Last year, student protesters stormed the chancellor's suite at California's UC Berkeley, staging a sit-in outside Chancellor Nicholas Dirks' office and later marching to his actual residence. In a response that may have made student-administration relations worse, the university has now installed an emergency exit near Dirks' office, campus newspaper the Daily Cal reports. The $9,000 door, paid for using a UC-wide pool of money allotted for risk prevention, is between Dirks' office and his conference room, and will "provide egress to leave the building," a campus spokesperson says. But the senator-elect of the associated students organization (ASUC) says this just makes Dirks seem "elitist and out of touch and inaccessible to the students."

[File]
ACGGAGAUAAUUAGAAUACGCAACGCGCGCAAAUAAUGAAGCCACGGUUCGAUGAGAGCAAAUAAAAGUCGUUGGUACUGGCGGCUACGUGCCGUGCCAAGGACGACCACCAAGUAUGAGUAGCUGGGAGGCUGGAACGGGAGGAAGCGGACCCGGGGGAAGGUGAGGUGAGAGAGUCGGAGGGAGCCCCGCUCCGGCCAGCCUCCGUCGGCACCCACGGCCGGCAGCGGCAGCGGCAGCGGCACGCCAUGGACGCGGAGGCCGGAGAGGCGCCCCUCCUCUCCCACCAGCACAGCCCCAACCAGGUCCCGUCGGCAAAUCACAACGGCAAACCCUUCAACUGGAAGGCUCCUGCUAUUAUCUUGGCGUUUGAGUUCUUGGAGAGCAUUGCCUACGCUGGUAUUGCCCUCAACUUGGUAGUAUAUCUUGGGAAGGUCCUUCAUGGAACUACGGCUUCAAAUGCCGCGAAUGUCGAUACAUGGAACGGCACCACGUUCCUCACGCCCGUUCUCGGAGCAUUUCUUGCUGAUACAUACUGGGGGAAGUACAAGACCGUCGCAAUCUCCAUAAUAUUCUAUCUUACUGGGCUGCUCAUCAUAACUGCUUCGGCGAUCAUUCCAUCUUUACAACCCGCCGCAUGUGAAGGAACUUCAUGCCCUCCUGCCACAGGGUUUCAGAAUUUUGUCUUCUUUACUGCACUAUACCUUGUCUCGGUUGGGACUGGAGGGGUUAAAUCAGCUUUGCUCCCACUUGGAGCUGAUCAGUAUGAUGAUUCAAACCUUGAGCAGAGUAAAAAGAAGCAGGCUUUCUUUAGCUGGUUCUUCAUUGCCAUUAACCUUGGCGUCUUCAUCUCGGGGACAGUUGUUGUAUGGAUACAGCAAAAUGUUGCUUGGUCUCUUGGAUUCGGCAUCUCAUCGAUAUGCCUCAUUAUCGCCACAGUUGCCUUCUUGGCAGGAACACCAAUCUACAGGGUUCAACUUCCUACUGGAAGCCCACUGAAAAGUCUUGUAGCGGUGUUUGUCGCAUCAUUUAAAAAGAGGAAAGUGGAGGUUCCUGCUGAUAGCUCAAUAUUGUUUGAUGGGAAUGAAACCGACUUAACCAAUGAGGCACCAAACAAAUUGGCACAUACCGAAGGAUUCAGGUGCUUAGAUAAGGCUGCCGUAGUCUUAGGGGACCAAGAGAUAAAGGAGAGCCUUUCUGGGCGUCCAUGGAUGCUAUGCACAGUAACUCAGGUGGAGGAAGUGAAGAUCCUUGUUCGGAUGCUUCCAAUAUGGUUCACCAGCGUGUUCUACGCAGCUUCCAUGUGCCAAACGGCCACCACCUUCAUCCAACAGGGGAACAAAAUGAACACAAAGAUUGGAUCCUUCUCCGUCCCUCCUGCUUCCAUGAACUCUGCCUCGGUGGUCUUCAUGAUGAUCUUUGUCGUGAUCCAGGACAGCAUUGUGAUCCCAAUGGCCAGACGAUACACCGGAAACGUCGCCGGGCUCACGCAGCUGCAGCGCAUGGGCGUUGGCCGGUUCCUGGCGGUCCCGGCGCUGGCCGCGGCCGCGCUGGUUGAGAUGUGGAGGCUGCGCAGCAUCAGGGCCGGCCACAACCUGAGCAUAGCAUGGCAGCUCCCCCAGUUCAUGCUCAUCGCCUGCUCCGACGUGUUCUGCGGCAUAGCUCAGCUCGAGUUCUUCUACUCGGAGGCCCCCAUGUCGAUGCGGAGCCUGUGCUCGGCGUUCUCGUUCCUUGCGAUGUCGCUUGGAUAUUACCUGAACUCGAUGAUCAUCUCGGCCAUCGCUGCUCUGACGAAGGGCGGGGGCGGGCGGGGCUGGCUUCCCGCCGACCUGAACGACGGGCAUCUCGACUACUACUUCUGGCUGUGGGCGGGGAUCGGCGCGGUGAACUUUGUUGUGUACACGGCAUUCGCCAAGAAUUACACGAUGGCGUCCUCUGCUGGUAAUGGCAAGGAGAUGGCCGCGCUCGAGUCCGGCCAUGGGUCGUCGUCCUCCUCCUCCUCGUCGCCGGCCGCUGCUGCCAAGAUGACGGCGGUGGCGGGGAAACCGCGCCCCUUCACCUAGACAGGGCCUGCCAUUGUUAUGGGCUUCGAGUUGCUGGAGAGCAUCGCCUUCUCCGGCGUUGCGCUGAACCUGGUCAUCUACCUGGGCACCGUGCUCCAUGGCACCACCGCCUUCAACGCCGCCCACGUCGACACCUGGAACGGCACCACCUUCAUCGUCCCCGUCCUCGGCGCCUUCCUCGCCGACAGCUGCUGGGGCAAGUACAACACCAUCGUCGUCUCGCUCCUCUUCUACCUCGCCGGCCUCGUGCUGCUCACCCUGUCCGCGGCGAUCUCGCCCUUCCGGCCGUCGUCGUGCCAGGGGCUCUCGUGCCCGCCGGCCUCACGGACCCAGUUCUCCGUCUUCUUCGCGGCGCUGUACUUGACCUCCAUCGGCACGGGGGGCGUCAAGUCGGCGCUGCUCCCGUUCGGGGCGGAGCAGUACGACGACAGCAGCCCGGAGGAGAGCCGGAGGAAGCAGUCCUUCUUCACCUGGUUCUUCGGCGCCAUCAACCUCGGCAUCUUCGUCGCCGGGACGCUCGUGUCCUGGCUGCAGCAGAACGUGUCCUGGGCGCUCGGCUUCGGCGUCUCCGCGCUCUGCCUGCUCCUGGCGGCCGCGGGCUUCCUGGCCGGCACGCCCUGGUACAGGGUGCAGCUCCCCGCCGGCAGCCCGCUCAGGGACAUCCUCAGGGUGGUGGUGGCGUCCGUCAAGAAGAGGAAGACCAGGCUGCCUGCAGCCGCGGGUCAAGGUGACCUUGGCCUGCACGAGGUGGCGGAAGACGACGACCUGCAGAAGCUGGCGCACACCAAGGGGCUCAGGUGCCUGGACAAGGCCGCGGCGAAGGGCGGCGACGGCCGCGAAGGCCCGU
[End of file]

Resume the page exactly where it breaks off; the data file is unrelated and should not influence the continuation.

Previously, Berkeley spent almost $700,000 to build a fence around Dirks' residence, University House, though officials say that was built in response to an increasing amount of vandalism and trespassing. "There has to be other ways to handle student concerns and protests than simply building ways to avoid them," the ASUC senator-elect says with regard to the emergency exit door, adding that no chancellor has ever been harmed during campus protests. The protests last year had to do with students' "criticism of the planned Berkeley Global Campus and its potential effect on the Richmond community," said the Daily Cal in an editorial earlier this month that slammed both the emergency exit and the fence. Another Daily Cal article last month referred to the exit as an "escape hatch," but a university spokesman flatly denied that to the Guardian: "It's a door." (Read more UC Berkeley stories.)